Reading V’s recent post about our childhood sure stirred up memories. She’s right. Summer was divine. While school was always enjoyable for me, summer was the zenith of the year. We never went to school into June, and we did not return to school until the day after Labor Day, so we had a full three months off. Summer had a whole different rhythm of life than the rest of the year. Now that I am an adult, I don’t get to experience that change in beat (although V does, being a school employee).
My passion for reading dates from my early childhood; I’ve been reading since before I went to school. There came a time when I could not find anything in my school’s library to read because I had read everything that was of remote interest to me. For sure, I had read all the books on horses, dogs and native Americans, both fiction and nonfiction.
When I was a child there was no such thing in our area as branch libraries. The library downtown was the only library, and it was housed in a big old building. The children’s section was in the basement. Here’s a picture of the building, although I remember a parking lot to the right of the picture, and there is where we would park for our library trips. When Mom would take us or when the school went a few times on a field trip, we entered the basement through the back side of the building to the right. See those little half windows peeking up from the ground to the right of the picture? That was where the children’s department was. Far from being basement-dreary, it was like stepping into another world for me—a delightful world.
The library had low, child-high chairs placed at long, low tables. These had big picture books scattered here and yon, and we could just take a seat wherever and begin the journey to wherever the book we chose would lead us. As I grew older, I roamed the shelves, looking for titles. We were allowed to take six books at a time, and I recall going back to the car each library trip with my limit tucked under my arm.
In the summer a special treat was offered by the library: the bookmobile came every other week the three months we were out of school for the summer. Flyers would be posted around, and the children would gather at the appointed time in the parking lot of the school.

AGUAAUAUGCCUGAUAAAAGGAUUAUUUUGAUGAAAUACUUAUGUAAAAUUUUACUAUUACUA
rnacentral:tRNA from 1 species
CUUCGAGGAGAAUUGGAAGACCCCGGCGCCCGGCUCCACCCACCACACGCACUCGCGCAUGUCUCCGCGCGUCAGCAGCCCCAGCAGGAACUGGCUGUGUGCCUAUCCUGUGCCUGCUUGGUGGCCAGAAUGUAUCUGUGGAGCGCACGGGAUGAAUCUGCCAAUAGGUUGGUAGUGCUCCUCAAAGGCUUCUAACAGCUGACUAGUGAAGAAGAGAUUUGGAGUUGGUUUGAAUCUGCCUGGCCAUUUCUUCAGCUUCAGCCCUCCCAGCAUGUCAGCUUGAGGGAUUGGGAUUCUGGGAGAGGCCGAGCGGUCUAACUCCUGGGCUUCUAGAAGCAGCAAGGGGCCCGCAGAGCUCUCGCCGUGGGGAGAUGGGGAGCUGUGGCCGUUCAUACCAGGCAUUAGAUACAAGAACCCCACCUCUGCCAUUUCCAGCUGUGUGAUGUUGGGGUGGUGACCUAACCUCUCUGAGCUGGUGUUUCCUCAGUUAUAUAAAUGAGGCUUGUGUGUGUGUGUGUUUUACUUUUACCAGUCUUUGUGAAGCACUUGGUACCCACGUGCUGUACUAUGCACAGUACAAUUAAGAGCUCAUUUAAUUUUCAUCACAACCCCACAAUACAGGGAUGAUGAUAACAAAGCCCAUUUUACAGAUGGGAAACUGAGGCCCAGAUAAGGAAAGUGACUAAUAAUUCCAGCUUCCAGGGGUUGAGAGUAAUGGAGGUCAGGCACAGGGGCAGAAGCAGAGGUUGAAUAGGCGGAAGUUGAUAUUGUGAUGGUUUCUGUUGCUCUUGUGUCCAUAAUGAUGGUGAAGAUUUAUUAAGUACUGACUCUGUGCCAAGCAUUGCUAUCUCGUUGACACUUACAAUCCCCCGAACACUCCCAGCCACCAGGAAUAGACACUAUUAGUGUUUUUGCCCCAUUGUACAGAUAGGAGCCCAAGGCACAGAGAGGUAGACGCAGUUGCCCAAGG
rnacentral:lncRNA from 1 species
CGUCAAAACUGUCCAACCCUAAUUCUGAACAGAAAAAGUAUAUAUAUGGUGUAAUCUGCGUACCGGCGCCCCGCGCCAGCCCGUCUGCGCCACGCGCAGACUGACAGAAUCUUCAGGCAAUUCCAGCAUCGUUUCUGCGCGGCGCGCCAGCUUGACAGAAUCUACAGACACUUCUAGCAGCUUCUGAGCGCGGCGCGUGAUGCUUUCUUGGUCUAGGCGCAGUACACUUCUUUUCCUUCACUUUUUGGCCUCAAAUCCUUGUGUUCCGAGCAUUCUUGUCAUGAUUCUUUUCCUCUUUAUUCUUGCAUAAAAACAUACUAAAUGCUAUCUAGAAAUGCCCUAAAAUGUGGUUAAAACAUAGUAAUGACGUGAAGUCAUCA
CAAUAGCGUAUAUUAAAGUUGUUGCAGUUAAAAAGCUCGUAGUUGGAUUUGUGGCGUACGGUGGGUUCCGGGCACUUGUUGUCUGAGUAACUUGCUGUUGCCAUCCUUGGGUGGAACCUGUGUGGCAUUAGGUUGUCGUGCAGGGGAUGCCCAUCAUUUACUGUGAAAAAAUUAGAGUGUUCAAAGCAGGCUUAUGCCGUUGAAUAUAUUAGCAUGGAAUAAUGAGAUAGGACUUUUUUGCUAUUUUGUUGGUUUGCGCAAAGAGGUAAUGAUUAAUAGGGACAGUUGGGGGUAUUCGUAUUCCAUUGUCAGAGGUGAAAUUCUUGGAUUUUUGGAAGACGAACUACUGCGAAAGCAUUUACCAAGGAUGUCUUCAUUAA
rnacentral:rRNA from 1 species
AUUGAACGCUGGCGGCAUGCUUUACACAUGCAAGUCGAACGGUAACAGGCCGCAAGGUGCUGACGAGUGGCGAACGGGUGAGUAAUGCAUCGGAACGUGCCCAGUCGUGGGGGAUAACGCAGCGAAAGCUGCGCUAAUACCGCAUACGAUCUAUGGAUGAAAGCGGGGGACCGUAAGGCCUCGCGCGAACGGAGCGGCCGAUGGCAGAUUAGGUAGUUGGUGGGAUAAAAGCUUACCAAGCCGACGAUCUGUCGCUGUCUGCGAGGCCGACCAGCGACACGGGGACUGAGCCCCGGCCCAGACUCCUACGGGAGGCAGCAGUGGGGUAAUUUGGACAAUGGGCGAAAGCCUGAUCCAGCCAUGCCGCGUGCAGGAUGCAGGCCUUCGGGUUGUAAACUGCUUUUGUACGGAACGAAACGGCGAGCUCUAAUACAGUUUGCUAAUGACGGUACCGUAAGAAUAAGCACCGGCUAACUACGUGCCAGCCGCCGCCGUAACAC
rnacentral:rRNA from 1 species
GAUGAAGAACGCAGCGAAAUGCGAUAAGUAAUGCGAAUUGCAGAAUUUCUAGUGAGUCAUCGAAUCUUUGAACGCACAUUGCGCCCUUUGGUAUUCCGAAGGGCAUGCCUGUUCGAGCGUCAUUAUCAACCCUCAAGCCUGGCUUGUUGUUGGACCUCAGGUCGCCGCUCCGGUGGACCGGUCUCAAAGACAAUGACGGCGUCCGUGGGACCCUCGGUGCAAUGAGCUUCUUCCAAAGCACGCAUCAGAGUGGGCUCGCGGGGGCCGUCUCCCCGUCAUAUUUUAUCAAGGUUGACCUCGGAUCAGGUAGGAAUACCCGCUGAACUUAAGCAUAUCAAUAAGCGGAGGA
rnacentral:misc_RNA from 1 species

The bookmobile was a large Winnebago-type vehicle (not nearly as fancy as this one) which was lined with bookshelves full of books. I think it was designed for kids, as I don’t remember any adults looking for books there.
I remember that my mother would not let me ride my horse to get books. She was worried about the presence of the other kids there and about my juggling the books astride my horse. This was surely wise on her part.
So, we would walk the half-mile or so to the bookmobile, gathering friends as we went so that my brother and I might be accompanied by four or five by the time we got there to join the little throng that had already arrived. We would all converge on the bookmobile and wait our turn. The traveling librarian paced the number who could come in at once so there would be no crowding.
I can still remember the hum of the air conditioner as I looked among the books and how wonderful the cold air felt after standing on the hot summer pavement. This freebie was an event for us—a social event as well as one to give us summer reading material. I saw kids at the bookmobile who lived in the community just far enough away that summer meant no contact other than this. It was good catch-up time.
I don’t know for sure, but I just imagine that with the emergence of branch libraries in neighborhoods, the bookmobile has become more rare; at least I never see any around our town. I hope it still reaches out to small communities without their own handy library because it is such a good social tool.
Having this bookmobile come to us created a time for visiting with our friends, and excitement would build for the appointed day. For me, it reinforced the connection between reading and pleasure. It surely is a treasured summer memory. C